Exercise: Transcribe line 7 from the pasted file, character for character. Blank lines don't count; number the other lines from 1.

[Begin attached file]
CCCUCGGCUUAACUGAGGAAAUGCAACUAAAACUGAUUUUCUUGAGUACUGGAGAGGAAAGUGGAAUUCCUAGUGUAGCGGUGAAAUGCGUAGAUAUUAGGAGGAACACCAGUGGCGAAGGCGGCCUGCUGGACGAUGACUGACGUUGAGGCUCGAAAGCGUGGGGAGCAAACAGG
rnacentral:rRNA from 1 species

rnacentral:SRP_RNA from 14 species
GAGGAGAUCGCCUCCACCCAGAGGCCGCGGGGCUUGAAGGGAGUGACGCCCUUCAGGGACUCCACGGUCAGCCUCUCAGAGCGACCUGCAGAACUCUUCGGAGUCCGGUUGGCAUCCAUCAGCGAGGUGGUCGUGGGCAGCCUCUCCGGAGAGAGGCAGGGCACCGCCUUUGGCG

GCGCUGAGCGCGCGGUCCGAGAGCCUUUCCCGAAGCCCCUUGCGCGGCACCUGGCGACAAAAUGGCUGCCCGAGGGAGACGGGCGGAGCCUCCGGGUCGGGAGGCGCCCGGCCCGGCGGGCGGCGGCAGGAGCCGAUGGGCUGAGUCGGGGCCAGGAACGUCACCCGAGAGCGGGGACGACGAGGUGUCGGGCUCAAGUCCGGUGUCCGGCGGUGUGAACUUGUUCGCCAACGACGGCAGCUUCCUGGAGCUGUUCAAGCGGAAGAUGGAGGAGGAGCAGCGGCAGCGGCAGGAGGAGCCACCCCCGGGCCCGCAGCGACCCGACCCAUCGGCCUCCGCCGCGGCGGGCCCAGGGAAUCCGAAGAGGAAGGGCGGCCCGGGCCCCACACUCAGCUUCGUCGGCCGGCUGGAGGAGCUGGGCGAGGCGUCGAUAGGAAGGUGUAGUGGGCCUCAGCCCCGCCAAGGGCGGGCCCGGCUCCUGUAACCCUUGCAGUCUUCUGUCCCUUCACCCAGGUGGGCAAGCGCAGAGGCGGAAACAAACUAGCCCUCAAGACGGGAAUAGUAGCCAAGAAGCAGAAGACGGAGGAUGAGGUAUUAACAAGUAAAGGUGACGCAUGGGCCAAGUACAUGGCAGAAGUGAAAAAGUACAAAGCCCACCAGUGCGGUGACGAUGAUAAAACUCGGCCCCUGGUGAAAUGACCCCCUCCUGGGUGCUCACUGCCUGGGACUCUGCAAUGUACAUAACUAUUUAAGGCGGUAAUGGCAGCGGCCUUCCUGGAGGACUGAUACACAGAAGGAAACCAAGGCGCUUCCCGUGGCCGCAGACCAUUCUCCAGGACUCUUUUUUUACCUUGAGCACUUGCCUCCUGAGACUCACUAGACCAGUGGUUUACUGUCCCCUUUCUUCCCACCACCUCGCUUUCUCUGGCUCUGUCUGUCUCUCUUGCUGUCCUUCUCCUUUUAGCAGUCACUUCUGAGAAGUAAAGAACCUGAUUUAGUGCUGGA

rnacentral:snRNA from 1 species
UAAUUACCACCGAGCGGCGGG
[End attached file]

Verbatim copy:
UAAUUACCACCGAGCGGCGGG